Your job title?
Data Science Manager
What are the main tasks and responsibilities?
- Amdocs is a global provider of telecom solutions and had recently entered the market for Big Data and Data Science as a Service for its telecom customers.
- Although Amdocs has Data Scientist strategically located around the world, the core of the team ( and the largest group ) is in Dublin.
- I run the Data Science team directly in Dublin and also have functional responsibility for Data Scientists across the globe.
- Most members of the team have PhDs in Computer Science, Statistics or Physics like myself.
The things you are employed to do for the organization?
Globally manage Amdocs Data Scientists, supervise internal and external projects, create ideation and innovation.
Describe a typical day?
Lots of time spent meeting my team, getting updates and providing direction. Lots of team spent with senior management on strategy.
What do you find most interesting ?
Daily challenges delivering value to customers using their data. Lots of opportunity to innovate.
What’s not so cool? What are the main challenges?
Sometimes too many meetings
How do you use mathematics within your job?
Primarily on the innovation side of things – many of the algorithms we use in machine learning depend on linear algebra. Understanding how this works is critical for the correct use,development and deployment of machine learning technologies. Elements of calculus are also relevant in several techniques.
What type of mathematics do you use to solve problems?
Mostly linear algebra, also some calculus
Who or what has most influenced your career direction?
I think the most important thing that has influenced my carrer trajectory has been my interest in problem solving and understanding things. This interest led me to a degree and PhD in physics and I had several important mentors there who helped guide and influence my problem-solving ability.
Does your job allow you to have a lifestyle you are happy with?
Yes – but it takes some level of effort to control your own day. With 24 hr connectivity, it is easy to get sucked in to work and find yourself checking emails in the evenings and at the weekend. Sometimes this is necessary, but sometimes it is not.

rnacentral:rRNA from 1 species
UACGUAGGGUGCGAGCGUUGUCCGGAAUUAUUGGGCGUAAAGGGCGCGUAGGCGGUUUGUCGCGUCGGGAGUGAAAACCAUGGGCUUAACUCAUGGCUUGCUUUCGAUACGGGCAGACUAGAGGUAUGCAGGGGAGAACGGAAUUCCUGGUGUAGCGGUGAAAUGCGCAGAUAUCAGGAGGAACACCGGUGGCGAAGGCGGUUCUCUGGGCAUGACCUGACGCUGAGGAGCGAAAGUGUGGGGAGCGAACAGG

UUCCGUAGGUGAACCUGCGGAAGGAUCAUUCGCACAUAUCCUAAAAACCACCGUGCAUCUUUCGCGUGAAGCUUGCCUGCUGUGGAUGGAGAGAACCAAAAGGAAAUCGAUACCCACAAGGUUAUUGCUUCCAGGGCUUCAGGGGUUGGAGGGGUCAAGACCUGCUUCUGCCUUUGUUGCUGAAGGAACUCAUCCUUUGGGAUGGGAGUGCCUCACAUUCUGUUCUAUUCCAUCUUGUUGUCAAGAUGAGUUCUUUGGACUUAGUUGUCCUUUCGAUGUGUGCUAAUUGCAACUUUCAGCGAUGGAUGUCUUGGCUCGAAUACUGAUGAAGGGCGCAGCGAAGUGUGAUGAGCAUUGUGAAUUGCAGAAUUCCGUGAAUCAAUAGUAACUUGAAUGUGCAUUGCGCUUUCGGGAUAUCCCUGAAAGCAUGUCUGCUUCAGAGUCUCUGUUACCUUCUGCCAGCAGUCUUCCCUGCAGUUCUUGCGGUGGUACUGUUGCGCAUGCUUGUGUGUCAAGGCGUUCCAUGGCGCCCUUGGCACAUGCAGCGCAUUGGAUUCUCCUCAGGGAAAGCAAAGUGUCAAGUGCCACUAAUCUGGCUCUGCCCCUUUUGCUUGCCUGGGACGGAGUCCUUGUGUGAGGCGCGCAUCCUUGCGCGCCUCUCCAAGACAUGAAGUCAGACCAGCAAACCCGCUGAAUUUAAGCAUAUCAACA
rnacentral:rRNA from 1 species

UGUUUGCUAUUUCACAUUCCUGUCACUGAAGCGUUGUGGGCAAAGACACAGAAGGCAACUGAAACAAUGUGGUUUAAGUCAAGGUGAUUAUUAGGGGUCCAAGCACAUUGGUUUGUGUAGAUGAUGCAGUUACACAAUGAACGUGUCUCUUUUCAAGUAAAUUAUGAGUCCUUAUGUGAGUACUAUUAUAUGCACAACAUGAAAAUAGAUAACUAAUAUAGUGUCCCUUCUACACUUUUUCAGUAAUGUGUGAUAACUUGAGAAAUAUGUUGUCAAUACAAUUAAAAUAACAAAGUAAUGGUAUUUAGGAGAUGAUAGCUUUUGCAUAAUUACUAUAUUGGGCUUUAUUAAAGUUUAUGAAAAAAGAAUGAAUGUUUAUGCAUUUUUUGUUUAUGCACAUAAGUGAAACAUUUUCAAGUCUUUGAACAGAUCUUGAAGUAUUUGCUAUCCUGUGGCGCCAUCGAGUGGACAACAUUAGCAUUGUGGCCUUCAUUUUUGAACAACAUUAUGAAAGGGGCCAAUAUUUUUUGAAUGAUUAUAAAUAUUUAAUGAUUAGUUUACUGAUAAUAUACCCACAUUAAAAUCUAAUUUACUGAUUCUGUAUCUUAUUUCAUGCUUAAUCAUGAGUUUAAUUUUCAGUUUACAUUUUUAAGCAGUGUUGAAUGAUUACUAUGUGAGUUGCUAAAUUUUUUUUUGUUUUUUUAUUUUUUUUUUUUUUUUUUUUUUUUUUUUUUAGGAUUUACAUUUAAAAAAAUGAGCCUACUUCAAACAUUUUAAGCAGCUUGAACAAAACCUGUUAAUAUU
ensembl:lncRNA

What subjects did you take (and why did you take them?) in school and did they influence your career path?
Apart from the core subjects I took Physics, Applied Maths, Chemistry, Economics and French. I think the Physics and Applied Maths were very important as they influenced my decision to study physics in college.
What is your education to date?
Secondary: Gonzaga College 1999
Primary Degree: UCDBachelors of Science (Joint Honors Experimental and Mathematical Physics) 2003
PhD: UCD Doctorate in Very High Energy Gamma-Ray Astronomy 2008
What aspects of your education have proven most important for your job?
Any aspect of my education that ensures I learn the ability to think for myself. Rote learning is very dangerous – you need to find challenges that really make you think.
Did you like maths at school?
Yes I really liked it – it wasn’t always easy but this was part of why I liked it. Even if I couldn’t solve a homework problem I enjoyed learning what I did right and wrong the next day.
What aspects of the mathematics curriculum or mathematics courses have proven most important for your job?
I think in general mathematics teaches you about solving problems by deconstructing problems into little pieces that can be solved step-by-step. This is the most important thing and can be applied in many areas.
What other skills do you think someone should obtain if they wanted to pursue your career?
English is the international language of business and science – make sure your English (spoken and written) is top notch. Learn at least one object-orientated programming language like Java. You also need a scripting/data science language/toolset like Python.
What advice would you give to someone considering this job?
You must have a genuine interest in understanding new and challenging problems. You have to understand how to work by yourself and also as part of a team. If you are not self-motivated to keep learning in this field you will sink!
What kinds of work experience would provide a good background for this position?
This is a really tough problem as companies are generally not interested in hiring people for work experience in this area. Some companies might do internships (3 to 6 months), but that is really only applicable after university. A good idea would be to get going with some MOOCs like those offered by Coursera, go learn Python yourself (there’s tons of free online material), and participate in some open data competitions led by groups such as kaggle.